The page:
Daniels v. United States
|Daniels v. United States|
|Argued January 8, 2001
Decided April 25, 2001
|Full case name||Daniels, Petitioner, v. United States, Respondent|
|Citations||532 U.S. 374 (more)
532 U.S. 373 (2001)
|Prior history||On Writ of Certiorari to the United States Court of Appeals for the Ninth Circuit|
|A federal defendant, sentenced under the Armed Career Criminal Act of 1984, may not challenge his federal sentence through a motion that his prior convictions were unconstitutionally obtained.|
|Majority||O'Connor, joined by C.J. Rehnquist, Kennedy, Thomas, Scalia|
|Dissent||Souter, joined by Stevens, Ginsburg|
|Armed Career Criminal Act of 1984|
Daniels v. United States, 531 U.S. 374 (2001), was a decision by the Supreme Court of the United States involving the Armed Career Criminal Act of 1984. The Court ruled, in a 5-4 decision, that a defendant sentenced under that Act could not challenge previous convictions on appeal that were used to increase his new sentence.
Background and lower court proceedings
In 1994, Earthy D. Daniels, Jr., was convicted of being a felon in possession of a firearm. Under the Armed Career Criminal Act of 1984, which imposes a mandatory minimum 15-year sentence on anyone convicted of being a felon in possession of a firearm and who has three previous convictions for a violent felony, Daniels' sentence was enhanced. After an unsuccessful appeal, Daniels filed a motion to vacate, set aside, or correct his federal sentence. Daniels argued that his sentence violated the Constitution because it was based in part on two prior convictions that were themselves unconstitutional. The District Court denied the motion. The Ninth Circuit Court of Appeals affirmed the decision, reasoning that they could only review those prior convictions if a Gideon violation was alleged. Daniels sought review in the Supreme Court, which agreed to hear the case.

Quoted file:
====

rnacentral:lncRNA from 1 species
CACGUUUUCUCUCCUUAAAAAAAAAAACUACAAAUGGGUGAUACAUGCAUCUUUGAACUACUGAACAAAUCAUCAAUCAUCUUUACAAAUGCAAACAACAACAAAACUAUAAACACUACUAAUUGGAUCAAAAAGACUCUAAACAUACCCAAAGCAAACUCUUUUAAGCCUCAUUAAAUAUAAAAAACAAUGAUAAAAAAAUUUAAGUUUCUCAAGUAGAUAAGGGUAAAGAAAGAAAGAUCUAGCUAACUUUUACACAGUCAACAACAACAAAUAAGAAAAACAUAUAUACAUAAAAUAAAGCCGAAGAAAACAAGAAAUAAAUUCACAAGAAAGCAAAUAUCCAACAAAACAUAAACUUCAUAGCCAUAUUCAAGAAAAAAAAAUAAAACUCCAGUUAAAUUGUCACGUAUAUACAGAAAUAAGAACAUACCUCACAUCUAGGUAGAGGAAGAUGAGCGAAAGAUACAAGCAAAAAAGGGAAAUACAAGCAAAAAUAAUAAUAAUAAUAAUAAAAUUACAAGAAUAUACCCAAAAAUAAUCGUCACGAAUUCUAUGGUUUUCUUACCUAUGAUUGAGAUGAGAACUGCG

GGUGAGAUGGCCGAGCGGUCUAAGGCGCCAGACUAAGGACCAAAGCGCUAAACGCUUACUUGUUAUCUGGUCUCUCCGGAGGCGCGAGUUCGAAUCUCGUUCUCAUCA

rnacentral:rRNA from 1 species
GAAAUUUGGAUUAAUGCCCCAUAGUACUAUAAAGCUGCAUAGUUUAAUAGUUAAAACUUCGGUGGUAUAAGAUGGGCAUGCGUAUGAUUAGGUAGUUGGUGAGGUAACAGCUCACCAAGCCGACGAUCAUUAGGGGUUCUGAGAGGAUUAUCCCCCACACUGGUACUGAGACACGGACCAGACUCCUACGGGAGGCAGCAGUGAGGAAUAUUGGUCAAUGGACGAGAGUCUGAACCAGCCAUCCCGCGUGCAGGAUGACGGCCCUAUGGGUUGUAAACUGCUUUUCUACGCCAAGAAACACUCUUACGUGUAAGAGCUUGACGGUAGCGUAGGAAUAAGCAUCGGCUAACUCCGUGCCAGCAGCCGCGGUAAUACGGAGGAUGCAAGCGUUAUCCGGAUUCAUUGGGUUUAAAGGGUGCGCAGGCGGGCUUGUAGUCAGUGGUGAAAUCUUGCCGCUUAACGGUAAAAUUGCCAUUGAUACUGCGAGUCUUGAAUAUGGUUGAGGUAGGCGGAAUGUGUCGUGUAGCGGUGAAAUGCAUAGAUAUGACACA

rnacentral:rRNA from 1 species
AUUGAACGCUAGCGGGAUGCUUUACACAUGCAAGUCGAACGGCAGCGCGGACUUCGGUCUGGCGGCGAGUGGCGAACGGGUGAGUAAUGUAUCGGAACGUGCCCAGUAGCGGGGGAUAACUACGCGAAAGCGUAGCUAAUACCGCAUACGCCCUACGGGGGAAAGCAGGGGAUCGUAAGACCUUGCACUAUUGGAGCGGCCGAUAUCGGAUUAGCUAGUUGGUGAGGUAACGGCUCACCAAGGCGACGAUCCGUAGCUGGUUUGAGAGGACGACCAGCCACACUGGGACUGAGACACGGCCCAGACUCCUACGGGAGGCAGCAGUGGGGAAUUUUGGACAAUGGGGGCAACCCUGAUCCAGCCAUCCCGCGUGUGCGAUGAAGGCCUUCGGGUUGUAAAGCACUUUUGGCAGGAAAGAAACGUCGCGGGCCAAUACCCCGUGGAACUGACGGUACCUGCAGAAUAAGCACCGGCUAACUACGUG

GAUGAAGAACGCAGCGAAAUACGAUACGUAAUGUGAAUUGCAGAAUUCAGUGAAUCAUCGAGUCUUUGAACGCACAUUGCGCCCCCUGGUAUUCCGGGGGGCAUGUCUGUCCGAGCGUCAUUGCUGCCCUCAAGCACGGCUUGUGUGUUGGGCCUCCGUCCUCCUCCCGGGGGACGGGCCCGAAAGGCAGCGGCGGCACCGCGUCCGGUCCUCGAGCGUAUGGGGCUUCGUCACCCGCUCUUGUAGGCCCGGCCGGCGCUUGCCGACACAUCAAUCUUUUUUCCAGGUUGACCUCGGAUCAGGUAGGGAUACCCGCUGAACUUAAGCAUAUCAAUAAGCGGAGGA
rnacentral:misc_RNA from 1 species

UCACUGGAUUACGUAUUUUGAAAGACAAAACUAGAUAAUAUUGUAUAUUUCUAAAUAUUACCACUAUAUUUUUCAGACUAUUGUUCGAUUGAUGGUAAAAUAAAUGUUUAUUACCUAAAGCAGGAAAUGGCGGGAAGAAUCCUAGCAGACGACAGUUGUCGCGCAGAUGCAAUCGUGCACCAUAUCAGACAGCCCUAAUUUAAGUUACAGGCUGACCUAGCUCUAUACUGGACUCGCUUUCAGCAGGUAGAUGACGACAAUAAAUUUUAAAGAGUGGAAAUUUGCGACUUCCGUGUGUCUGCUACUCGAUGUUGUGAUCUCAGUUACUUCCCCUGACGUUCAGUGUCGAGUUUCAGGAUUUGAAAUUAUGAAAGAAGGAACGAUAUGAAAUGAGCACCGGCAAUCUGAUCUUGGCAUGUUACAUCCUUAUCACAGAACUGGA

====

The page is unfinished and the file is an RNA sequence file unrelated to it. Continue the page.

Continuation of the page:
The Court's decision
In an opinion delivered by Justice Sandra Day O'Connor, the Supreme Court affirmed the lower courts' dismissal of Daniels' claim. The Court stated that the nonexistent or unsuccessful pursuit of available challenges to the constitutionality of prior state convictions, which were used to enhance a federal sentence, precluded such challenge to collaterally attack a federal sentence. "[Daniels] could have pursued his claims while he was in custody on those convictions," wrote Justice O'Connor for the majority. "As his counsel conceded at oral argument, there is no indication that [Daniels] did so or that he was prevented from doing so by some external force." Three other Justices agreed with the decision in full while Justice Antonin Scalia agreed with the understanding that Daniels, under different circumstances, could receive special review of prior convictions.
Justice David H. Souter wrote a dissenting opinion, disagreeing with the majority's usage of the text of the Act in question. Justice Stephen Breyer also filed a dissent, writing that the silence of a Congressional statute to discuss the implications of an enhanced sentence would allow for challenges to that enhanced sentence.
- Criminal law
- Sixth Amendment to the United States Constitution
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